I must warn you...I know Kung Fu!
Fighting spirit saves British pensioner from attack
BERLIN, Oct 23 (Reuters) - A 70-year-old British pensioner,
trained in martial arts during his military service, dispatched
a gang of four would-be muggers in a late-night attack in
"Looks like he had everything under control," a police
spokesman from the German town of Bielefeld said of the incident
The man, a native of Birmingham who now lives in Germany,
was challenged by three men, demanding money, while a fourth
crept up behind him. Recalling his training, the Briton grabbed
the first assailant and threw him over his shoulder.
When a second man tried to kick him, the pensioner grabbed
his foot and tipped him to the ground. At this point, the three
men, thought to be aged between 18 and 25, fled, carrying their
injured accomplice with them.
The pensioner, whose name was not immediately available,
suffered light abrasions.
Don't quote me on this...
New book takes humbug out of quotations
LOS ANGELES (Reuters) - Showman P.T. Barnum never said
"There's a sucker born every minute" although he wished he had.
And Civil War Admiral David Farragut probably never said "Damn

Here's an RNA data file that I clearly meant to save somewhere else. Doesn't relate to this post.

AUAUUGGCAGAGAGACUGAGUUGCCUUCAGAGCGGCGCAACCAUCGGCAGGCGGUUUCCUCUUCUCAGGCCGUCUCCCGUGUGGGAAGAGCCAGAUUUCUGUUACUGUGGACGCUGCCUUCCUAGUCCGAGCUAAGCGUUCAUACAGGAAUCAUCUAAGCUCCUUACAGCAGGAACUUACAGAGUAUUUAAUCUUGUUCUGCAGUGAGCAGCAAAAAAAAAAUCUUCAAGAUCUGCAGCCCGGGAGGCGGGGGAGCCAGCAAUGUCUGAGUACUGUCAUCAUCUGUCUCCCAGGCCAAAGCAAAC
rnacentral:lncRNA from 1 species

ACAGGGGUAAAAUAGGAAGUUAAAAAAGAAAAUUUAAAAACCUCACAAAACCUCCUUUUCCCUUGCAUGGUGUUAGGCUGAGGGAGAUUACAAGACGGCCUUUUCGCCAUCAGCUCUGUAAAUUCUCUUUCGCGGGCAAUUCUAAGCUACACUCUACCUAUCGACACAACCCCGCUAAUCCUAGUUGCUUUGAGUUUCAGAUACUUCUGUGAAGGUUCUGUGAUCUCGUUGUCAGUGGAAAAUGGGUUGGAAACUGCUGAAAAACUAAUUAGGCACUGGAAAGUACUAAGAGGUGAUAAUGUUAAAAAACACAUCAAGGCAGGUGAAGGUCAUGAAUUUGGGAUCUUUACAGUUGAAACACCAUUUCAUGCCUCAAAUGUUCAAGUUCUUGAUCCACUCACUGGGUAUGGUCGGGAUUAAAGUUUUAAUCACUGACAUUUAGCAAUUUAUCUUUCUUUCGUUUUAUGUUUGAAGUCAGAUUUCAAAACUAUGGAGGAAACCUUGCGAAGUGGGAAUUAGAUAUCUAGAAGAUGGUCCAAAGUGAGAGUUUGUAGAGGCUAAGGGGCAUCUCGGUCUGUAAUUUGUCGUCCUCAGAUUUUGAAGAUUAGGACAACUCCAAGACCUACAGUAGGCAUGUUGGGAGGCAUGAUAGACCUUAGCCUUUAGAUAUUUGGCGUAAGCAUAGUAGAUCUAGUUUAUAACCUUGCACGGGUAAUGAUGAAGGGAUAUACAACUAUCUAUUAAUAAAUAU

the Torpedoes! Full Speed Ahead" -- words that have inspired
generations of fighting men.
To make things even more complicated, it is doubtful that
Paul Revere warned that "The British are coming" when he would
have at the time of the American Revolution thought himself
British, although a revolting one. He probably would have said
"The Redcoats are coming."
A new, meticulously researched book of quotations attempts
to set the record straight on those beloved phrases that have
crept into everyday use as signs of wisdom and wit, including
Sigmund Freud's sage advice that "sometimes a cigar is just a
cigar." (He didn't quite say that, although his biographer
thinks he would have approved of the idea.)
"The Yale Book of Quotations" has a simple thesis: famous
quotes are often misquoted and misattributed. Sometimes they
are never said at all but are, instead, little fictions that
have forged their way into public consciousness.
Take, for example, "Damn the torpedoes! Full speed ahead,"
a rallying cry supposedly uttered by Farragut during the
American Civil War battle of Mobile Bay on August 5, 1864.
Ray...stop dancing on the wall!
China's Great Wall raises defenses against ravers
BEIJING, Oct 25 (Reuters Life!) - China has banned
partying, stunts and other "inappropriate behavior" on the
Great Wall to protect one of its top tourist attractions from
The Great Wall, which snakes its way across more than 6,400
km (4,000 miles), receives an estimated 10 million visitors a
year, mostly to the mere 10 km opened to tourists at Badaling,
the nearest stretch to Beijing.
More adventurous visitors climb wilder, crumblier sections
that are not officially open to the public and stretches near
the capital have become popular sites for summer raves.
The new rules, issued by the State Council, or China's
cabinet, prohibit the driving of vehicles on the wall or group
activities such as parties.
"Inappropriate tourist exploration has caused damage to the
Great Wall and its historical features," the government's Web
site on Wednesday cited a State Council official as saying.